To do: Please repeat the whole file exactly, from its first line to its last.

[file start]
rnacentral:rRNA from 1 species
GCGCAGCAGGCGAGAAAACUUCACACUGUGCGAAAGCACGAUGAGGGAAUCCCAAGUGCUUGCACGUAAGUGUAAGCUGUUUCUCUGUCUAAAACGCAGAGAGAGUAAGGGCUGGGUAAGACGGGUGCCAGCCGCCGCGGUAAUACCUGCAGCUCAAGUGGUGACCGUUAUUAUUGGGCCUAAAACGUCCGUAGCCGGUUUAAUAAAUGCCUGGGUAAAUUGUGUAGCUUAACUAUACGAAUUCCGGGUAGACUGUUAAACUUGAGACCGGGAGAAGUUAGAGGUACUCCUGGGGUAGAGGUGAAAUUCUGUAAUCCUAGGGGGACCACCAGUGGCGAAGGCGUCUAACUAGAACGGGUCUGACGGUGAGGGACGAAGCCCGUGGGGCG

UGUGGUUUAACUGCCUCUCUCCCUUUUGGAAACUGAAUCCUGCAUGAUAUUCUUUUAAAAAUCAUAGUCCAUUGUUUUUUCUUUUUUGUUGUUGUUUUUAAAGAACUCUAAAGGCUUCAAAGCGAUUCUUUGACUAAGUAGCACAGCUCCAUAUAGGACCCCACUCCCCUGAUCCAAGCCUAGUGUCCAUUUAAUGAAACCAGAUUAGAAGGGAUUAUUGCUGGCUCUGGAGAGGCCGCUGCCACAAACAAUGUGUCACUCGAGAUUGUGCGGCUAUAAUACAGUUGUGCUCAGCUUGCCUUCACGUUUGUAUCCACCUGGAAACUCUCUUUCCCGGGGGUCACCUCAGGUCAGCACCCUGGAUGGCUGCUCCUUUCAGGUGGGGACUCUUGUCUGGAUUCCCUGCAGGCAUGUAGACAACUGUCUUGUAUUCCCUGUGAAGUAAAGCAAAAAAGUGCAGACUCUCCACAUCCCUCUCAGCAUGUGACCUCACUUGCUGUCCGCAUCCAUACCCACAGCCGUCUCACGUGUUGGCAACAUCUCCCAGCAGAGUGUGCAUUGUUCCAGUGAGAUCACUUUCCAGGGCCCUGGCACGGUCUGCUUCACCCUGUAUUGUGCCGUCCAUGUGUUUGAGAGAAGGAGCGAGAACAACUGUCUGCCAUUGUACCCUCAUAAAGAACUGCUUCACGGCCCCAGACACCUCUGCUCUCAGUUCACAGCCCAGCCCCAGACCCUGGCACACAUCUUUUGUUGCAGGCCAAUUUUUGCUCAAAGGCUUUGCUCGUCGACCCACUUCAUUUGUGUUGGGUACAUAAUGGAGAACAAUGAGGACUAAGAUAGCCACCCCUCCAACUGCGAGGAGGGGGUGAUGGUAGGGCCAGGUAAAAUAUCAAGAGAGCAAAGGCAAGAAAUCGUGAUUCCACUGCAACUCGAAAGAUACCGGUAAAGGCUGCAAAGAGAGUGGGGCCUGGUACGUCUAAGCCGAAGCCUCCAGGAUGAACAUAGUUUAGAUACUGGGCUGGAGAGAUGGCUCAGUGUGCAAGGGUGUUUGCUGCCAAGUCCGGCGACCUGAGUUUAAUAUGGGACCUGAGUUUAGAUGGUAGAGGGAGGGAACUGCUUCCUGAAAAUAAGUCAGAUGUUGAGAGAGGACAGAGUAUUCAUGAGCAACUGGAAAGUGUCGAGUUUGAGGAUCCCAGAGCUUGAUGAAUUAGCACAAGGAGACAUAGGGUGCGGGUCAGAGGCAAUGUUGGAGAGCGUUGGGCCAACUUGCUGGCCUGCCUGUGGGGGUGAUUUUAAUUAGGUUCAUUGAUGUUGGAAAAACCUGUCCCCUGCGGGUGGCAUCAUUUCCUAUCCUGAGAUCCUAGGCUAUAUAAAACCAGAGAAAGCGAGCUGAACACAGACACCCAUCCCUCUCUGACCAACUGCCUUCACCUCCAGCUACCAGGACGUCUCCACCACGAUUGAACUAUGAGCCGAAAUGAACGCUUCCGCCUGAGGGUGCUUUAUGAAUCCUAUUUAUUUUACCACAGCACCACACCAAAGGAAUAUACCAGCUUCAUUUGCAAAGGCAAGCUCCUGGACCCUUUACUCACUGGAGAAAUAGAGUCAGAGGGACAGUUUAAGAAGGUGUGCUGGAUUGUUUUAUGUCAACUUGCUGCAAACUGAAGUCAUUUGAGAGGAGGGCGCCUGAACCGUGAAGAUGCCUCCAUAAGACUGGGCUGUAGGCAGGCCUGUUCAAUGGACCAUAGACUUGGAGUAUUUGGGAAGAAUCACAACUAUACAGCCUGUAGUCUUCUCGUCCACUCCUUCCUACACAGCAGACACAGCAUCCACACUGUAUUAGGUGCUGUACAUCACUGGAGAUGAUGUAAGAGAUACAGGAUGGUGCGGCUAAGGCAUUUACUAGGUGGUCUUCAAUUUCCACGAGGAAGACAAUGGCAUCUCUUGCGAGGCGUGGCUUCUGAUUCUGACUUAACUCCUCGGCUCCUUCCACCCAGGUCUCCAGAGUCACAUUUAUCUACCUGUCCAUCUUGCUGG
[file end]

rnacentral:rRNA from 1 species
GCGCAGCAGGCGAGAAAACUUCACACUGUGCGAAAGCACGAUGAGGGAAUCCCAAGUGCUUGCACGUAAGUGUAAGCUGUUUCUCUGUCUAAAACGCAGAGAGAGUAAGGGCUGGGUAAGACGGGUGCCAGCCGCCGCGGUAAUACCUGCAGCUCAAGUGGUGACCGUUAUUAUUGGGCCUAAAACGUCCGUAGCCGGUUUAAUAAAUGCCUGGGUAAAUUGUGUAGCUUAACUAUACGAAUUCCGGGUAGACUGUUAAACUUGAGACCGGGAGAAGUUAGAGGUACUCCUGGGGUAGAGGUGAAAUUCUGUAAUCCUAGGGGGACCACCAGUGGCGAAGGCGUCUAACUAGAACGGGUCUGACGGUGAGGGACGAAGCCCGUGGGGCG

UGUGGUUUAACUGCCUCUCUCCCUUUUGGAAACUGAAUCCUGCAUGAUAUUCUUUUAAAAAUCAUAGUCCAUUGUUUUUUCUUUUUUGUUGUUGUUUUUAAAGAACUCUAAAGGCUUCAAAGCGAUUCUUUGACUAAGUAGCACAGCUCCAUAUAGGACCCCACUCCCCUGAUCCAAGCCUAGUGUCCAUUUAAUGAAACCAGAUUAGAAGGGAUUAUUGCUGGCUCUGGAGAGGCCGCUGCCACAAACAAUGUGUCACUCGAGAUUGUGCGGCUAUAAUACAGUUGUGCUCAGCUUGCCUUCACGUUUGUAUCCACCUGGAAACUCUCUUUCCCGGGGGUCACCUCAGGUCAGCACCCUGGAUGGCUGCUCCUUUCAGGUGGGGACUCUUGUCUGGAUUCCCUGCAGGCAUGUAGACAACUGUCUUGUAUUCCCUGUGAAGUAAAGCAAAAAAGUGCAGACUCUCCACAUCCCUCUCAGCAUGUGACCUCACUUGCUGUCCGCAUCCAUACCCACAGCCGUCUCACGUGUUGGCAACAUCUCCCAGCAGAGUGUGCAUUGUUCCAGUGAGAUCACUUUCCAGGGCCCUGGCACGGUCUGCUUCACCCUGUAUUGUGCCGUCCAUGUGUUUGAGAGAAGGAGCGAGAACAACUGUCUGCCAUUGUACCCUCAUAAAGAACUGCUUCACGGCCCCAGACACCUCUGCUCUCAGUUCACAGCCCAGCCCCAGACCCUGGCACACAUCUUUUGUUGCAGGCCAAUUUUUGCUCAAAGGCUUUGCUCGUCGACCCACUUCAUUUGUGUUGGGUACAUAAUGGAGAACAAUGAGGACUAAGAUAGCCACCCCUCCAACUGCGAGGAGGGGGUGAUGGUAGGGCCAGGUAAAAUAUCAAGAGAGCAAAGGCAAGAAAUCGUGAUUCCACUGCAACUCGAAAGAUACCGGUAAAGGCUGCAAAGAGAGUGGGGCCUGGUACGUCUAAGCCGAAGCCUCCAGGAUGAACAUAGUUUAGAUACUGGGCUGGAGAGAUGGCUCAGUGUGCAAGGGUGUUUGCUGCCAAGUCCGGCGACCUGAGUUUAAUAUGGGACCUGAGUUUAGAUGGUAGAGGGAGGGAACUGCUUCCUGAAAAUAAGUCAGAUGUUGAGAGAGGACAGAGUAUUCAUGAGCAACUGGAAAGUGUCGAGUUUGAGGAUCCCAGAGCUUGAUGAAUUAGCACAAGGAGACAUAGGGUGCGGGUCAGAGGCAAUGUUGGAGAGCGUUGGGCCAACUUGCUGGCCUGCCUGUGGGGGUGAUUUUAAUUAGGUUCAUUGAUGUUGGAAAAACCUGUCCCCUGCGGGUGGCAUCAUUUCCUAUCCUGAGAUCCUAGGCUAUAUAAAACCAGAGAAAGCGAGCUGAACACAGACACCCAUCCCUCUCUGACCAACUGCCUUCACCUCCAGCUACCAGGACGUCUCCACCACGAUUGAACUAUGAGCCGAAAUGAACGCUUCCGCCUGAGGGUGCUUUAUGAAUCCUAUUUAUUUUACCACAGCACCACACCAAAGGAAUAUACCAGCUUCAUUUGCAAAGGCAAGCUCCUGGACCCUUUACUCACUGGAGAAAUAGAGUCAGAGGGACAGUUUAAGAAGGUGUGCUGGAUUGUUUUAUGUCAACUUGCUGCAAACUGAAGUCAUUUGAGAGGAGGGCGCCUGAACCGUGAAGAUGCCUCCAUAAGACUGGGCUGUAGGCAGGCCUGUUCAAUGGACCAUAGACUUGGAGUAUUUGGGAAGAAUCACAACUAUACAGCCUGUAGUCUUCUCGUCCACUCCUUCCUACACAGCAGACACAGCAUCCACACUGUAUUAGGUGCUGUACAUCACUGGAGAUGAUGUAAGAGAUACAGGAUGGUGCGGCUAAGGCAUUUACUAGGUGGUCUUCAAUUUCCACGAGGAAGACAAUGGCAUCUCUUGCGAGGCGUGGCUUCUGAUUCUGACUUAACUCCUCGGCUCCUUCCACCCAGGUCUCCAGAGUCACAUUUAUCUACCUGUCCAUCUUGCUGG